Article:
A reflection by Colleen Peters
Advent …the coming of the Christ, a time of waiting, of expecting and anticipating the three-fold coming of Christ—past present, and future. It is the perspective of the past coming that perhaps gets the most coverage; the historical event of Jesus’ birth at Bethlehem, what is called the nativity. It is certainly the perspective that the secular world focuses on exclusively, and sadly distorts beyond truth. Between now and Christmas we wait, and prepare with great excitement, to celebrate the virgin birth of the Christ child, the enfleshment of God. And this is as it should be, as Christ’s birth is the still point in history.
But there is also the aspect of waiting and expecting the present coming of Christ in the communion of saints. His coming to us corporately through the members of the ecclesia, his body. And we also anticipate His coming to each of us who love and follow Him, in creative, at times comical, and often mysterious ways; ways Carlo Caretto may be alluding to when he speaks of God’s coming in this way:
God’s coming and his presence are his decision, based on his love freely poured out. His coming is bound to his promise, not to our works or virtue. We have not earned the meeting with God because we have heaped up such a pile of virtue as to shine before heaven. God is thrust onward by his love, not attracted by our beauty. He comes even in moments when we have done everything wrong, when we have done nothing, when we have sinned.
Simon Tugwell also points to God’s coming as being his initiative. It is always God who comes to us. “Very often we are not looking for God; far from it, we are in full flight from him, in high rebellion against Him. And he knows that and has taken it into account, He has followed us into our own darkness; where we thought finally to escape him, we run straight into His arms.”
It was this aspect of waiting and anticipating Christ’s daily coming that came into sharp focus for me eight years ago. The season of Advent took on new dimensions for me in 2004. The truth of the incarnation held my heart in a new and practical way. Immanuel, ‘God with us’, somehow came to mean ‘God with me.’ Just days before Christmas I underwent brain surgery as doctors tried to deal with a ‘foreign body’ that wasn’t supposed to be there. I had good reason to fear it would be my last Christmas with Len and the kids. At times the fear was suffocating, as days of waiting for biopsy results stretched into weeks. Yet beneath the fear was something I couldn’t explain… a peculiar peace that quelled the fear… an assurance that all would be well, come what may. Beyond a doubt I knew that God was in control of my chaos. And He was so kind to make certain I knew, deep inside of me where it mattered most, that I was loved. CS Lewis said, “when pain is to be borne, a little courage helps more than much knowledge, a little human sympathy more than much courage, and the least tincture of the love of God more than all.”
In God’s loving mercy, I was spared the diagnosis of a brain tumour, and was eventually diagnosed three years later with progressive relapsing MS, a disease that has brought much change into my life, along with unexpected and bountiful blessings. Though the changes have been challenging and difficult in many ways, they have also been channels of God’s grace. Christ comes again and again…and delivers me. “When I falI I am not hurled headlong because the Lord is the One who holds my hand.” (Psalm 37) Though I live with the draining reality of a chronic and progressive illness, I live too, in a Kingdom reality that renews me. “So we do not lose heart, though our outer man is decaying… yet our inner man is being renewed day by day, producing for us an eternal weight of glory while we look not at the things which are seen, but at the things which are not seen; for the things which are seen are temporal, but the things which are not seen are eternal .” (2 Cor. 4:16-18) The King has given me eyes to see the reality of Paul’s words and that has made all the difference.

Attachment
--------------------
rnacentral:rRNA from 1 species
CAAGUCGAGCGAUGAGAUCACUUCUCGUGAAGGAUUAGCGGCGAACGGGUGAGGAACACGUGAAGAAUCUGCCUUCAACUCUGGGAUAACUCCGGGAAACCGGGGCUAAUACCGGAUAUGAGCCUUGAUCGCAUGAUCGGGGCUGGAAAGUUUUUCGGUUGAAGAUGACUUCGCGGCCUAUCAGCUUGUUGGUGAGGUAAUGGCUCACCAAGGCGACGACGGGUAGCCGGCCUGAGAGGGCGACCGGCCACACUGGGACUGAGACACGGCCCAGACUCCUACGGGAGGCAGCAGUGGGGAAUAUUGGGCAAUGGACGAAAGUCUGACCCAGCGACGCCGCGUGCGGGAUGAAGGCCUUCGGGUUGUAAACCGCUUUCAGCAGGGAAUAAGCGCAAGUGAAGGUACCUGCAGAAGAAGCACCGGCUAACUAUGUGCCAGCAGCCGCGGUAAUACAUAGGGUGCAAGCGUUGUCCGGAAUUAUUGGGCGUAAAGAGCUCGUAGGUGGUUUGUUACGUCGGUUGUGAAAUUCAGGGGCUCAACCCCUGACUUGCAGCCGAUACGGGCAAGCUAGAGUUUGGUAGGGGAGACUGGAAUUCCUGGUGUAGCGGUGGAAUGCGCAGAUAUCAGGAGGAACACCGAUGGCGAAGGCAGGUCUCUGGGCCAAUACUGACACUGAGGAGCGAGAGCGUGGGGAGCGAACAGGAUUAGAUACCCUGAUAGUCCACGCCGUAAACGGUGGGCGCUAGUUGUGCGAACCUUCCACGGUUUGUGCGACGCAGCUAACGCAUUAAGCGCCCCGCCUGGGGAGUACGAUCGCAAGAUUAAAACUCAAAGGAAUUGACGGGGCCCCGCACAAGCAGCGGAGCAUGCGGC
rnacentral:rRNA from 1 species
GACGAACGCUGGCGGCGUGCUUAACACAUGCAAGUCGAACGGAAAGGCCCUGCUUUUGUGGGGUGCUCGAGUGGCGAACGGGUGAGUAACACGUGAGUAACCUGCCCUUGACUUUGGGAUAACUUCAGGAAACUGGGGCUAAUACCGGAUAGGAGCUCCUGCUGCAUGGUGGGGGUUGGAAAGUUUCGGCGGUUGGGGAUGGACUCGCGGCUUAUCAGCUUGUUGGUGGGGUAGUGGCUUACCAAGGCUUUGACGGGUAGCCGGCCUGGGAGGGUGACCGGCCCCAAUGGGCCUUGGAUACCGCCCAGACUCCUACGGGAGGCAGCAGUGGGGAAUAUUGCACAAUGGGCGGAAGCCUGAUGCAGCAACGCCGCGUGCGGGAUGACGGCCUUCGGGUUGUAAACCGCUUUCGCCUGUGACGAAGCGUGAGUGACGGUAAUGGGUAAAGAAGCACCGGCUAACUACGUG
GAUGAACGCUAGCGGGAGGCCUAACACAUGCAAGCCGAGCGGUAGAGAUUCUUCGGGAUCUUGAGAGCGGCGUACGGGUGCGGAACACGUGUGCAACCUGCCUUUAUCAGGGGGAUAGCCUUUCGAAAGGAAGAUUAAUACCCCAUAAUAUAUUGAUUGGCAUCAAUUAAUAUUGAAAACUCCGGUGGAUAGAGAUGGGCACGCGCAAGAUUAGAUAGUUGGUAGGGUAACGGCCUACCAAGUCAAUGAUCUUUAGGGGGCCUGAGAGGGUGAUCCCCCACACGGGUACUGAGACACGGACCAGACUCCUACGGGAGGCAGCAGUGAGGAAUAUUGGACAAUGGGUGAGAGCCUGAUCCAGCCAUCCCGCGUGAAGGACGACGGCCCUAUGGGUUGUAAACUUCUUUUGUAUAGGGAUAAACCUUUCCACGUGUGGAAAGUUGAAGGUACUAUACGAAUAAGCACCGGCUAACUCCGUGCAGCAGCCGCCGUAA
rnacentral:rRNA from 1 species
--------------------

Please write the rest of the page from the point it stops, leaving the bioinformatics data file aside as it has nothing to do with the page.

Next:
It has given me hope that fashions faith from fear, hope that ‘springs eternal’ and lets me rest in His sweet sovereignty. The same hope that augmented the Advent season for me 8 years ago. It is the Pauline hope of Colossians 1:27: “Christ in you, the hope of glory.” Christ in you, Christ in me… this is cause for holy hope, as it was cause for Mary to rejoice and to hope and to exult in God her Saviour, when she heard Gabriel’s words “Hail, favoured one! The Lord is with you.” She was to bear the Christ-child within her own body. And in some way, we too are favoured ones, with the Christ-life in each of us.
Advent, a time that heralds the coming of the Christ, a time to remember and be glad that the Christ-life is in us, that we too are favoured and the Lord is with us.
And of course Advent also encompasses the anticipation of the second coming of Jesus Christ, when every knee shall bow and every tongue confess that He is Lord. Advent is a looking forward to the time when we shall see Jesus face to face, be that when he returns, or when he calls us Home. Either way, Advent is a time of anticipating what lies ahead. In an Advent sermon, Dietrich Bonhöffer said,
The celebration of Advent is possible only to those who are troubled in soul, who know themselves to be poor and imperfect, who look forward to something greater to come. For these, it is enough to wait in humble fear until the Holy One Himself comes down to us, God in the child in the manger. God comes. The Lord Jesus comes. Christmas comes. Christian rejoice!
In his book Searching for God Knows What, Donald Miller ends the chapter entitled The Gospel of Jesus, by raising his glass in homage to Christ the King. The words he used to do so are simple yet strong. “Here is to Christ for making us, to Christ for rescuing us, and to Christ, who gives hope for tomorrow.” Amen.